Background: This article examines differences and similarities in adolescent tobacco use among Member States of the Health Ministers' Council for the Gulf Cooperation Council (HMC/GCC) using Global Youth Tobacco Survey (GYTS) data.
Methods: Nationally representative samples of students in grades associated with ages 13-15 in Bahrain, Kuwait, Oman, Qatar, Saudi Arabia, United Arab Emirates, and Yemen. Schools were selected proportional to enrollment size, classes were randomly selected within participating schools, and all students in selected classes were eligible to participate.
Results: GYTS results confirmed that boys are significantly more likely than girls to smoke cigarettes or use shisha (water pipe). Students had higher rates of tobacco use than adults in Bahrain, Oman, and United Arab Emirates. For boys and girls, shisha use was higher than cigarette smoking in almost all countries. Susceptibility to initiate smoking among never smokers was higher than current cigarette smoking in all countries. Exposure to secondhand smoke in public places was greater than 30%, direct protobacco advertising exposure was greater than 70% on billboards and in newspapers, and more than 10% of students were influenced by indirect advertising. Finally, less than half of the students were taught in school about the dangers of tobacco use in the past year.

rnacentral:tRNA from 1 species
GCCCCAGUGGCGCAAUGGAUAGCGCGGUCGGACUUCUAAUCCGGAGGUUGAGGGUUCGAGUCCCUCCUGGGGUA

Conclusions: For boys and girls, high prevalence of cigarette smoking, high prevalence of shisha use, and high susceptibility of never smokers to initiate smoking in the next year are troubling indicators for the future of chronic disease and tobacco-related mortality in the Member States of the HMC/GCC.